Edith Maud Bradbeer was born in the village of Codicote on the 10th October 1892, the daughter of Alfred Harrison Bradbeer, 30, a school master from Southampton and Margaret, 32, from Codicote. Alfred and Margaret had married in 1888. Two older children, Margaret Louisa and Francis Henry were also born in Codicote whilst Ida Clare and Alfred John were born after the family moved to Weston.
Alfred moved to Codicote to be headmaster of the National School in 1885. He continued as head when the school became a mixed school in 1892.
In September 1896 Alfred became head teacher at the Church of England school in Weston1. Alfred’s salary was £100 with Margaret receiving £20 to teach the lower Standards (I & II.) The family lived in the school house in Maiden Street rent free.
Edith was a pupil at the school and at the age of eleven was one of five children who received a prize for perfect attendance. Also she was presented with a Bible for being voted the “best scholar” by the other children at the school. It was probably at this time that Edith became a monitress. She later spent two years as a weekly boarder at Hitchin Girls’ Grammar School. After a brief spell as an uncertificated mistress she trained at Hockerill Teacher Training College, Bishop’s Stortford 2. On qualifying in June 1914 she joined the staff at Weston where she stayed until moving to Hertford.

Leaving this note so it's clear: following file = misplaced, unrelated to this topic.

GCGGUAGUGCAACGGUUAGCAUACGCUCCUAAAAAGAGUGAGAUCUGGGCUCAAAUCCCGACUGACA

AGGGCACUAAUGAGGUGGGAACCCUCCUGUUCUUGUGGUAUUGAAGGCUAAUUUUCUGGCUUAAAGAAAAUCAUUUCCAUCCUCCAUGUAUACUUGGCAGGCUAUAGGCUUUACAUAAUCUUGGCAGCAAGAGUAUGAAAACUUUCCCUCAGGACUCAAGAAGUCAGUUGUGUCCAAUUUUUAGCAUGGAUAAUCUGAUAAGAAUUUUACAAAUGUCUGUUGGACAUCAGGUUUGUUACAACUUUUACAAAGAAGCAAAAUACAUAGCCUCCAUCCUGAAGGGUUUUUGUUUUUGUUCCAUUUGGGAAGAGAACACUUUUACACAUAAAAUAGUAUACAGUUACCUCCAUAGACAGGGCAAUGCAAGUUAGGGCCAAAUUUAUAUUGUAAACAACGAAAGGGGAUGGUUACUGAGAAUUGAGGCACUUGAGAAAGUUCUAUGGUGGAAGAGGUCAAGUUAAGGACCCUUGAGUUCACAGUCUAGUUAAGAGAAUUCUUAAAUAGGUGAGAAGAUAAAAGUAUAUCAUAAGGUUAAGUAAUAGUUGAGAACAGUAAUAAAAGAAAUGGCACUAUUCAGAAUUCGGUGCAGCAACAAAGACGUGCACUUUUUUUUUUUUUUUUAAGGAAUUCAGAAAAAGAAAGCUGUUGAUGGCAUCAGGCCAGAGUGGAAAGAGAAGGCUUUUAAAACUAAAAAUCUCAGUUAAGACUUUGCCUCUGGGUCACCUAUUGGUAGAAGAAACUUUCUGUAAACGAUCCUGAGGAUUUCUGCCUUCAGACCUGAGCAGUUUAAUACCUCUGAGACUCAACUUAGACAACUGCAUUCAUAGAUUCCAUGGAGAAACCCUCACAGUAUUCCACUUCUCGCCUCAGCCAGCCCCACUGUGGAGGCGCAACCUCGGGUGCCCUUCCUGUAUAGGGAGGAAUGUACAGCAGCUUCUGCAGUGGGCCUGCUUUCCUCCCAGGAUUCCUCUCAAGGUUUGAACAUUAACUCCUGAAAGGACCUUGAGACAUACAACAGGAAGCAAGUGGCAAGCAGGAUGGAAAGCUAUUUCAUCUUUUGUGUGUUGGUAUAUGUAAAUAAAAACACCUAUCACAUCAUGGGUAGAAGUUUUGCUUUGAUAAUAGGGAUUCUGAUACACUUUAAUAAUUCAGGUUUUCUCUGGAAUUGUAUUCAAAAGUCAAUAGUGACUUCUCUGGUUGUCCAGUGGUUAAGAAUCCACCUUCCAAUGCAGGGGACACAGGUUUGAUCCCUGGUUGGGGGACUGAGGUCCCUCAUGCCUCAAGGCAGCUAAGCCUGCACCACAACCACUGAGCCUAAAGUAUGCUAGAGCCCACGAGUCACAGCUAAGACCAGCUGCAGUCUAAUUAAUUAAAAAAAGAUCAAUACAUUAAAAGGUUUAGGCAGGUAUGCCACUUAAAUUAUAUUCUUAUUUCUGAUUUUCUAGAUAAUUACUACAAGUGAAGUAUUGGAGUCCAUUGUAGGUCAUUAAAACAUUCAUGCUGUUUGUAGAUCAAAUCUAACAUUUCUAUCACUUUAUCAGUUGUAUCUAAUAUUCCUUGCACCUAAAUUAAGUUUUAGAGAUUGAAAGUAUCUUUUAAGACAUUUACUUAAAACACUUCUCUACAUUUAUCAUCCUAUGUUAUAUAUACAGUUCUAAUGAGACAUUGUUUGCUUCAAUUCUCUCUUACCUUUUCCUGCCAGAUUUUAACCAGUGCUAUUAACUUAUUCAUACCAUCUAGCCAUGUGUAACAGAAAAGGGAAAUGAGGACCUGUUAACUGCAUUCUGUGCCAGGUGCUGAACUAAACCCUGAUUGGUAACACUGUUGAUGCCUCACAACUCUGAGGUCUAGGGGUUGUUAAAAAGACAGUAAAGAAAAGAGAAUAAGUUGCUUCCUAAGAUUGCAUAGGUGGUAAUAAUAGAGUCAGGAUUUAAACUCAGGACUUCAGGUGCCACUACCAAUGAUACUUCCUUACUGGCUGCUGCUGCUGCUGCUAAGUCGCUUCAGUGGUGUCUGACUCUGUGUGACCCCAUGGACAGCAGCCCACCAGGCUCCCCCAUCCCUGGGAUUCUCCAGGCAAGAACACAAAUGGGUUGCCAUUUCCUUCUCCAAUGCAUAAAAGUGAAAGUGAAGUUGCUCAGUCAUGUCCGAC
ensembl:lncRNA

Miss Bradbeer became headmistress at Cowbridge in September, 1923. She remained head of the school until May 1953 when she retired. During this time, in 1931 the school became a mixed junior mixed and infants school as a result of a re-organisation of schools in Hertford. In 1940 the school moved to share the Port Vale building and in 1943 when the senior girls had vacated the building, the school’s name was changed to Port Vale JMI.
The children seemed to have had difficulty pronouncing Miss Bradbeer’s name and called her Miss Brabeer. Edith lived with one of her sisters, who worked at Longmore Solicitors, in a house in North Road Avenue. Edith tended to wear blue outfits and her sister wore green so they were known to the children of the area as the “Miss Green Brabeer” and the “Miss Blue Brabeer.”
- Alfred Bradbeer remainded head at Weston until 1923 when he presumably retired at the age of 60.
- Hockerill Teacher Training College was opened in 1852 and closed in the 1970s. The site is now occupied by Hockerill Anglo-European College.